Cronicas Mexicanas: Literature is travel...

"Habitué à la parfaite symétrie des tracés parisiens, Alex commença par se sentir désorienté par le chaos urbain du District Fédéral, puis il trouva cela déplaisant, mais il finit par en être fasciné. Mexico lui parut une ville sans limites, livrée à sa propre vitesse, ayant perdu ses freins, prête à rivaliser avec l'infini, remplissant le moindre espace vide, avec n'importe quoi, murets, bicoques, gratte-ciel, toits de tôle, murs de carton, monceaux d'ordures, ruelles sordides, panneau publicitaire sur panneau publicitaire..." 

Carlos Fuentes, 'La Buena Compania', Gallimard, traduction de Céline Zins

Call to photographers in France and Europe

Appel à candidatures 2013


L'association Fetart lance la 3eme édition du Festival Circulation(s), Festival de la jeune photographie européenne qui se déroulera en fev-mars 2013 à Paris. Le parrain de cette édition est François Cheval, Directeur du Musée Nicéphore Niépce.

Dédié à la jeune photographie européenne, Circulation(s) a pour vocation de fédérer et de créer un réseau d’acteurs européens du monde de l’image partageant la même ambition que celle de Fetart : aider les jeunes photographes à s’insérer dans le monde professionnel.

Cette nouvelle édition présentera un panorama représentatif de la nouvelle génération de photographes au travers d’expositions. Dans ce cadre, Fetart lance un appel à candidature européen pour sélectionner les photographes qui participeront à Circulation(s) #3. 

Date limite d’envoi des candidatures : 20 septembre 2012 

N'hésitez pas à faire suivre l'information !

Retrouvez toutes les informations sur le site du festival www.festival-circulations.com 


L'appel à candidature est ouvert à tous les photographes européens ou résidants en Europe. Il n'y a pas de limite d'âge.


Les frais d'inscription concernant la candidature sont de 5 euros. Vous pouvez :
– soit payer en espèce ou par chèque : joindre les 5 euros (chèque ou espèce) dans l’enveloppe de votre dossier ;
– soit payer par Paypal à l'adresse suivante : candidature@fetart.org.
Fetart prend en charge le tirage des photographies des artistes dans la limite de 20 tirages par artiste (le contrecollage selon le
Le tirage se fera EXCLUSIVEMENT sur Paris courant janvier 2012.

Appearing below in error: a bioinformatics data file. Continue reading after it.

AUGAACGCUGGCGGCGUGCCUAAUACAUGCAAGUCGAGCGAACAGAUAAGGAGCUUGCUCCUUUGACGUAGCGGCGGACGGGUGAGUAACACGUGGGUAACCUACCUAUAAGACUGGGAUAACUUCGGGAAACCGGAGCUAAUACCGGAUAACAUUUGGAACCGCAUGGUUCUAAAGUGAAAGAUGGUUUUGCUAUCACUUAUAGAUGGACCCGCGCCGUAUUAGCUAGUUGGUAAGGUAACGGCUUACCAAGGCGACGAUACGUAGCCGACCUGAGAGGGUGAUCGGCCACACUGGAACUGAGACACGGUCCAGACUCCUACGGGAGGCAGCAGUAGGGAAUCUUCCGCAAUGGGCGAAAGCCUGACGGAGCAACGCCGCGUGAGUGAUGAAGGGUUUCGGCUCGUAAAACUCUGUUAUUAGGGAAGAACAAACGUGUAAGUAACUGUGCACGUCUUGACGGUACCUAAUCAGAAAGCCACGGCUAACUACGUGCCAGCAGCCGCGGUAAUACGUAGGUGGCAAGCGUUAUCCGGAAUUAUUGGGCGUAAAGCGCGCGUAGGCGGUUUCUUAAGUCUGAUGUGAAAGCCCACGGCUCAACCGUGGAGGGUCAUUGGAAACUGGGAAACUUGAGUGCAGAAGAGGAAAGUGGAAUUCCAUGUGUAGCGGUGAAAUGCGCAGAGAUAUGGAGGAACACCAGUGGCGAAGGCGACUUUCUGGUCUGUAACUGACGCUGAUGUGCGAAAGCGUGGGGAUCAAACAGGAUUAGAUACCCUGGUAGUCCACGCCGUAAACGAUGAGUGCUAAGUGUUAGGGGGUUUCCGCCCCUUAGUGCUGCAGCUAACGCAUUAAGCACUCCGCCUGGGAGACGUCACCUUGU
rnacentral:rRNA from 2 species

Les artistes retenus qui ne sont pas domiciliés sur Paris S'ENGAGENT à envoyer les images en haute définition pour effectuer les
tirages à une date qui leur sera indiquée par l'association Fetart, à la même adresse que leur candidature. 


Fetart étant une association à but non lucratif fonctionnant sur le principe du bénévolat, le transport des photographes (et celui des oeuvres le cas échéant) ainsi que leur logement pendant la durée de l'exposition sera à la charge financière des artistes.

Les membres de l'association peuvent cependant aider les photographes à trouver un lieu d'hébergement sur Paris.
Date limite d'envoi des candidatures : 20 septembre 2012.


Cronicas Amexicanas

It's time to be serious about this western call... 

If I travel to Mexico, I figured out it might be a good idea to stop in the US before hand. To get an introduction, a taste of the Mexican community in New York City. I am going to Amexica after all...

Of course, some might say this travel should go through California and New Mexico but my time is limited and let's remember one fact: I still do not drive.

So a shorter flight to Amexica might involve a stopover in NYC before I head to MEX.


I want to explore Mexican New York!

According to the New York Times, "in the past two decades, the Mexican population in New York City has grown more than fivefold, with immigrants settling across the five boroughs". But the younger generation struggles to get work or education... Read here:

In 2003, the Teachers College at Columbia University stated that "Mexicans (were) New York City's Fastest Growing Ethnic Group":